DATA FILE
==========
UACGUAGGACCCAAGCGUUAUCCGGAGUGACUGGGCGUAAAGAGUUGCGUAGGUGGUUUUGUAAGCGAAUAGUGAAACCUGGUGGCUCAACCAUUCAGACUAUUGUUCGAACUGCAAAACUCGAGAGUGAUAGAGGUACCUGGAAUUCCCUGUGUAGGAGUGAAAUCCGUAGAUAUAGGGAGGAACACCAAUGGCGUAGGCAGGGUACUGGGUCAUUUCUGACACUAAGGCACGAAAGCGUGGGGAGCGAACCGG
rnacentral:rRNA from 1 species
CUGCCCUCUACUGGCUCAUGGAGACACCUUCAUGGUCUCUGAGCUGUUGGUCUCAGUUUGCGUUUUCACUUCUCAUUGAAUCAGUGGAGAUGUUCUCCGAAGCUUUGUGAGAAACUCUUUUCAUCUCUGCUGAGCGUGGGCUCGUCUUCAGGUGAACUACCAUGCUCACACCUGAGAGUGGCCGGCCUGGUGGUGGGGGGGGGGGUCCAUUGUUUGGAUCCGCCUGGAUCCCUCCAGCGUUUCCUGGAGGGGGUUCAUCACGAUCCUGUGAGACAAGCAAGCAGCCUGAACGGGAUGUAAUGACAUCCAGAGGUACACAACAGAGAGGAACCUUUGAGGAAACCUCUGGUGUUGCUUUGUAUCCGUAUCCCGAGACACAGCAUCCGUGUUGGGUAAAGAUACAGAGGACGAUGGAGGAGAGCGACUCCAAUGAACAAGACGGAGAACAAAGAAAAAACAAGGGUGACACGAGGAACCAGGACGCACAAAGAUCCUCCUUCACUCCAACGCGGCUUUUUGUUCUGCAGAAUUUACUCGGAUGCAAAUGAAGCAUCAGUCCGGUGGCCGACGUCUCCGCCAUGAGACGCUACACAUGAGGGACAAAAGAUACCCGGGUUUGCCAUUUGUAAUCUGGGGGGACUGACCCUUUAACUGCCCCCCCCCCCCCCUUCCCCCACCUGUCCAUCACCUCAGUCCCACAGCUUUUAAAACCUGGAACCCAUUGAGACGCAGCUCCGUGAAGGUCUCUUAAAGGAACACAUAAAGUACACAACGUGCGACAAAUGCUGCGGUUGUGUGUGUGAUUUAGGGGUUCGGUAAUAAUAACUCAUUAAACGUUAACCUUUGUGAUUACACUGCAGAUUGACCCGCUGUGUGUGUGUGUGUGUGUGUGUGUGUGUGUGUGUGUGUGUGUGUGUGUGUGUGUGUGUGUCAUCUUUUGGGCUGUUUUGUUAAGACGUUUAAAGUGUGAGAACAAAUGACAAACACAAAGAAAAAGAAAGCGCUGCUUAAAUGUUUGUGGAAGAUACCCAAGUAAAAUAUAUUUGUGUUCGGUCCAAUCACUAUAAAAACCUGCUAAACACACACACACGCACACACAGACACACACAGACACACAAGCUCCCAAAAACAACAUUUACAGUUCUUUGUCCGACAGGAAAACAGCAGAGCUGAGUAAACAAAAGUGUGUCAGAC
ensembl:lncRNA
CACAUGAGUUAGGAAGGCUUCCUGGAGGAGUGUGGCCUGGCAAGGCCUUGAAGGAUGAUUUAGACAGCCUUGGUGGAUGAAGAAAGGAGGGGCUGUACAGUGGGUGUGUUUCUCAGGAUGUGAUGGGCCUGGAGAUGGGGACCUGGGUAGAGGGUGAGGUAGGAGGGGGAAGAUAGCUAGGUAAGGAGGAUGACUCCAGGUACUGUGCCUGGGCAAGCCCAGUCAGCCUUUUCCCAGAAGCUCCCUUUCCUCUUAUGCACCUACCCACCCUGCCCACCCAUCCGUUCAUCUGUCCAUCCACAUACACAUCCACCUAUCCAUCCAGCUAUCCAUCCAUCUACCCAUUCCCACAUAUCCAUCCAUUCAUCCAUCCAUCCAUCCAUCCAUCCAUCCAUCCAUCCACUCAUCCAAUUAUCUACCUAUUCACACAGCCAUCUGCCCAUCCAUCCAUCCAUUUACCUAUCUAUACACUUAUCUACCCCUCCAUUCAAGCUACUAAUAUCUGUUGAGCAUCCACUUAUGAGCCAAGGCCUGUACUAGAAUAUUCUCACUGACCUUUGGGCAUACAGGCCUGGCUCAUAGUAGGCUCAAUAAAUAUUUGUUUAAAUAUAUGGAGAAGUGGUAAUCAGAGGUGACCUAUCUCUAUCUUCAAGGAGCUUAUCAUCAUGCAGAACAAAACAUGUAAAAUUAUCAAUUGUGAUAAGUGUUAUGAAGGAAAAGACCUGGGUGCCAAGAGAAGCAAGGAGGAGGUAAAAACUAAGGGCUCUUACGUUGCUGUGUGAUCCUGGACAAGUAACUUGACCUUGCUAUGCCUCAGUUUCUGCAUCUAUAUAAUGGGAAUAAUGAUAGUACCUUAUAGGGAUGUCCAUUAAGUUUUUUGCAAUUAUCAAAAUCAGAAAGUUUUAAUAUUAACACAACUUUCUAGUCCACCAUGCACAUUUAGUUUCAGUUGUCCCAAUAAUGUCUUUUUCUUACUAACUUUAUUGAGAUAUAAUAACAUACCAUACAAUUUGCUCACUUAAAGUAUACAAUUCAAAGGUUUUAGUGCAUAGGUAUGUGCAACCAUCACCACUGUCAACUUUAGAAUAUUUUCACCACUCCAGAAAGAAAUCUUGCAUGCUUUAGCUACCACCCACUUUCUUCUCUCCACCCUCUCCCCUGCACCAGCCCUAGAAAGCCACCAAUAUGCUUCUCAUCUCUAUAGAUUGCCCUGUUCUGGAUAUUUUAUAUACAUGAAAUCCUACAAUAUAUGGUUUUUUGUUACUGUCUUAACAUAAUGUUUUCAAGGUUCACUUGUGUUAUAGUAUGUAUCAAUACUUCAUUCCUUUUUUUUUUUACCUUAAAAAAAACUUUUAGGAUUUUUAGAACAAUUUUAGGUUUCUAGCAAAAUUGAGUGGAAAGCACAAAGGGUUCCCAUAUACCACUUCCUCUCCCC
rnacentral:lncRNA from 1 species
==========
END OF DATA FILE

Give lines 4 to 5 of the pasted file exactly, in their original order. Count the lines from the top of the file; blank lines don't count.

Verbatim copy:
ensembl:lncRNA
CACAUGAGUUAGGAAGGCUUCCUGGAGGAGUGUGGCCUGGCAAGGCCUUGAAGGAUGAUUUAGACAGCCUUGGUGGAUGAAGAAAGGAGGGGCUGUACAGUGGGUGUGUUUCUCAGGAUGUGAUGGGCCUGGAGAUGGGGACCUGGGUAGAGGGUGAGGUAGGAGGGGGAAGAUAGCUAGGUAAGGAGGAUGACUCCAGGUACUGUGCCUGGGCAAGCCCAGUCAGCCUUUUCCCAGAAGCUCCCUUUCCUCUUAUGCACCUACCCACCCUGCCCACCCAUCCGUUCAUCUGUCCAUCCACAUACACAUCCACCUAUCCAUCCAGCUAUCCAUCCAUCUACCCAUUCCCACAUAUCCAUCCAUUCAUCCAUCCAUCCAUCCAUCCAUCCAUCCAUCCAUCCACUCAUCCAAUUAUCUACCUAUUCACACAGCCAUCUGCCCAUCCAUCCAUCCAUUUACCUAUCUAUACACUUAUCUACCCCUCCAUUCAAGCUACUAAUAUCUGUUGAGCAUCCACUUAUGAGCCAAGGCCUGUACUAGAAUAUUCUCACUGACCUUUGGGCAUACAGGCCUGGCUCAUAGUAGGCUCAAUAAAUAUUUGUUUAAAUAUAUGGAGAAGUGGUAAUCAGAGGUGACCUAUCUCUAUCUUCAAGGAGCUUAUCAUCAUGCAGAACAAAACAUGUAAAAUUAUCAAUUGUGAUAAGUGUUAUGAAGGAAAAGACCUGGGUGCCAAGAGAAGCAAGGAGGAGGUAAAAACUAAGGGCUCUUACGUUGCUGUGUGAUCCUGGACAAGUAACUUGACCUUGCUAUGCCUCAGUUUCUGCAUCUAUAUAAUGGGAAUAAUGAUAGUACCUUAUAGGGAUGUCCAUUAAGUUUUUUGCAAUUAUCAAAAUCAGAAAGUUUUAAUAUUAACACAACUUUCUAGUCCACCAUGCACAUUUAGUUUCAGUUGUCCCAAUAAUGUCUUUUUCUUACUAACUUUAUUGAGAUAUAAUAACAUACCAUACAAUUUGCUCACUUAAAGUAUACAAUUCAAAGGUUUUAGUGCAUAGGUAUGUGCAACCAUCACCACUGUCAACUUUAGAAUAUUUUCACCACUCCAGAAAGAAAUCUUGCAUGCUUUAGCUACCACCCACUUUCUUCUCUCCACCCUCUCCCCUGCACCAGCCCUAGAAAGCCACCAAUAUGCUUCUCAUCUCUAUAGAUUGCCCUGUUCUGGAUAUUUUAUAUACAUGAAAUCCUACAAUAUAUGGUUUUUUGUUACUGUCUUAACAUAAUGUUUUCAAGGUUCACUUGUGUUAUAGUAUGUAUCAAUACUUCAUUCCUUUUUUUUUUUACCUUAAAAAAAACUUUUAGGAUUUUUAGAACAAUUUUAGGUUUCUAGCAAAAUUGAGUGGAAAGCACAAAGGGUUCCCAUAUACCACUUCCUCUCCCC